The Great Singapore Sale (GSS) is upon us again, and this year, I’m trying a positive attitude. (As opposed to sulking while the wife soldiers on through the throngs).
For me, a positive attitude includes ‘going green’ – and I don’t mean what your face looks like when you finally get your credit card bills.
Global warming is real, and if we’re going to do anything about climate change, I reckon the Great Singapore Sale is one event where you can put environmentally friendly habits into practice.
I know it’s a little hard to balance what are apparent opposite principles and ‘buying only what you need, and not what you want’ might dent the success of the GSS, but there are some things we can do to be environmentally conscious while shopping till we’re unconscious.
You could, for instance, look through your wardrobe before hitting the sales to see what clothes you don’t or can’t wear anymore for reasons such as a change in fashion eras or in your size, and then do a little research to see what charity organisations might be in need of hand me downs.
Looking through your bookshelves to see what tomes you might want to sell to the 2nd hand bookstore might also clear some clutter in your house, and in my case, reduce the fire hazard in my living room.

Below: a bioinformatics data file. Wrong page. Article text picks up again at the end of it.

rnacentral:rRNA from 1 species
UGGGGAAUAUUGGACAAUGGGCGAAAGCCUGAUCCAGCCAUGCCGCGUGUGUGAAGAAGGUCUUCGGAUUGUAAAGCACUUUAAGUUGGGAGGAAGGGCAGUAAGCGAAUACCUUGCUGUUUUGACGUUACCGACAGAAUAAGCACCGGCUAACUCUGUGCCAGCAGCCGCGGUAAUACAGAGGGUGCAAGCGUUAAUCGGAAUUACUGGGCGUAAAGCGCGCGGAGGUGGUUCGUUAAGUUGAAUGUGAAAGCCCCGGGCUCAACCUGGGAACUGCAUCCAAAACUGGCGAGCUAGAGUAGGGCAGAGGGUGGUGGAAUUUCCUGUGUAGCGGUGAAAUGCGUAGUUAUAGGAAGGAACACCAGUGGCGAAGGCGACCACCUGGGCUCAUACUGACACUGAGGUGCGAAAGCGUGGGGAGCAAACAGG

For the menfolk who act as shopping-bag-and-credit-card carrying escorts for your spouses and partners, it may serve you, and planet earth, well if you suggest a few other changes to this season’s shopping spree:
Take public transport
Why clog the roads and pay even more in parking and ERP charges? Plus, have you seen the traffic during past GSS seasons? I call it the Great Singapore Snail!
So I say, tell your partner you’re leaving the car at home to reduce greenhouse gas emissions while saving yourself a bundle in on-road expenses as well as the fact that, without a car, you can’t carry as many shopping bags.
Yes, we all know bus waiting times are long, as are the journeys. But think about it, guys – the more time spent waiting and travelling, the less time spent spending.
If however, the MRT and buses aren’t the way to go, seeing as you need your hands for your bags while also holding on to the rails, spending a little on taxis is alright.
I hear there are eco-friendly taxis which use LPG fuel, but I think it’d be a bit hard to just pick out LPG cabs while standing in a 20-odd passenger long queue.
So if you really want to assuage your green-guilt, you could just ask your friendly cabbie to turn off the air-con and wind down the windows – an environmentally friendly solution that might just be necessary if your friendly cabbie isn’t so hot on deodorants.
So the Bring Your Own Bag scheme at supermarkets didn’t go down too well with customers, but if you dig out your old Gucci, Ferragamo and Prada paper bags and bring them down to Orchard Road, not only will you save the trees, you’re also likely to get better customer service from sales staff who’ll think you’ve got greater than average spending power.
Apart from that you could also try telling your partner that you’re leaving the plastic at home and bringing only cash, because paper’s bio-degradable, but I think that’d be pushing it a little.
Mr Miyagi aka Benjamin Lee has been entertaining readers at his eco-friendly blog, http://miyagi.sg, for over three years